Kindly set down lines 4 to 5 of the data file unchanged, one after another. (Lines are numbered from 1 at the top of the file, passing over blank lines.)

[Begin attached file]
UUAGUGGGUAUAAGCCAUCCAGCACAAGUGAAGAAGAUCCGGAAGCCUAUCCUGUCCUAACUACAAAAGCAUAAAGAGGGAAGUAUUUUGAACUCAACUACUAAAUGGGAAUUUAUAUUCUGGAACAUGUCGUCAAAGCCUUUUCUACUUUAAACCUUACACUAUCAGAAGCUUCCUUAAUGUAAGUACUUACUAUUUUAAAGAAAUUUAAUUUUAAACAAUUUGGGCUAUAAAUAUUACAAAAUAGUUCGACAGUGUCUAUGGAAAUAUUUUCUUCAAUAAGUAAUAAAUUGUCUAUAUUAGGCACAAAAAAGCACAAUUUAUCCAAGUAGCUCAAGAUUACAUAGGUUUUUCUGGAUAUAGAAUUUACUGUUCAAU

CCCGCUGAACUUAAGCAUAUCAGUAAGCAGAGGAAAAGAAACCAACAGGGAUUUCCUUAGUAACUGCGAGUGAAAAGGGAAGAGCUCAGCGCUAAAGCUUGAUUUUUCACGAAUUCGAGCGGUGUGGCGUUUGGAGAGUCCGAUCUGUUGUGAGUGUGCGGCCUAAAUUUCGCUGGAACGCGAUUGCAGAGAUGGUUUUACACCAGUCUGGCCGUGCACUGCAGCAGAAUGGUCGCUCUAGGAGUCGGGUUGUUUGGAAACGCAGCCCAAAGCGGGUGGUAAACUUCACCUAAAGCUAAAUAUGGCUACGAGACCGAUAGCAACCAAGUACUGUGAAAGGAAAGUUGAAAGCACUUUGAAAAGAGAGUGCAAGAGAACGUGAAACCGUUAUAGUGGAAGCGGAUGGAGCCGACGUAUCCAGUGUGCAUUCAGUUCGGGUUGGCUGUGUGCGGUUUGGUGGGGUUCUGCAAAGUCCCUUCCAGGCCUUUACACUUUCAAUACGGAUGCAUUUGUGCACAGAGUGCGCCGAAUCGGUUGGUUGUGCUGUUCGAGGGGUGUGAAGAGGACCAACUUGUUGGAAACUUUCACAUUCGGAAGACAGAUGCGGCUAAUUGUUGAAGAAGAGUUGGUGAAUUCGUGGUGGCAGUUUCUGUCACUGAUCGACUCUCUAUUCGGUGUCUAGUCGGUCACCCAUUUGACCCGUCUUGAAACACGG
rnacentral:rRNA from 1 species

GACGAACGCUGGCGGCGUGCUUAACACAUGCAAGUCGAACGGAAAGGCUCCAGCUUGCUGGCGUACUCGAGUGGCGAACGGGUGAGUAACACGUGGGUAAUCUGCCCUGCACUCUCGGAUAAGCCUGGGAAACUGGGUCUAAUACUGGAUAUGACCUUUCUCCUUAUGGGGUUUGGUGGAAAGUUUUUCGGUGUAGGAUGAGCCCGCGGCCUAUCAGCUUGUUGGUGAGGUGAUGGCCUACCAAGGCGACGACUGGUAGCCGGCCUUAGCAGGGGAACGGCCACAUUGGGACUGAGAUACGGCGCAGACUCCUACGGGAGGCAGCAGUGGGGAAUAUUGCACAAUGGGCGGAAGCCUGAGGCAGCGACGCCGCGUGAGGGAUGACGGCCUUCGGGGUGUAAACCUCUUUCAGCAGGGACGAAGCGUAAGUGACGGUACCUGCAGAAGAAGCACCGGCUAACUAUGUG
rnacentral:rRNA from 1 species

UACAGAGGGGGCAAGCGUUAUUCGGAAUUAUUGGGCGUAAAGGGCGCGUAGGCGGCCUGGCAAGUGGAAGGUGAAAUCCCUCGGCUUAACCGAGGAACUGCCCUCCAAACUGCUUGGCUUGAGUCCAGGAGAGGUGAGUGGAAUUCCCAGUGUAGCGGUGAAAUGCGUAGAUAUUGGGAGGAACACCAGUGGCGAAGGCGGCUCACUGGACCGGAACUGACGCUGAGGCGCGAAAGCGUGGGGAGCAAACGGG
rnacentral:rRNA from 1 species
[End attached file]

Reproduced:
GACGAACGCUGGCGGCGUGCUUAACACAUGCAAGUCGAACGGAAAGGCUCCAGCUUGCUGGCGUACUCGAGUGGCGAACGGGUGAGUAACACGUGGGUAAUCUGCCCUGCACUCUCGGAUAAGCCUGGGAAACUGGGUCUAAUACUGGAUAUGACCUUUCUCCUUAUGGGGUUUGGUGGAAAGUUUUUCGGUGUAGGAUGAGCCCGCGGCCUAUCAGCUUGUUGGUGAGGUGAUGGCCUACCAAGGCGACGACUGGUAGCCGGCCUUAGCAGGGGAACGGCCACAUUGGGACUGAGAUACGGCGCAGACUCCUACGGGAGGCAGCAGUGGGGAAUAUUGCACAAUGGGCGGAAGCCUGAGGCAGCGACGCCGCGUGAGGGAUGACGGCCUUCGGGGUGUAAACCUCUUUCAGCAGGGACGAAGCGUAAGUGACGGUACCUGCAGAAGAAGCACCGGCUAACUAUGUG
rnacentral:rRNA from 1 species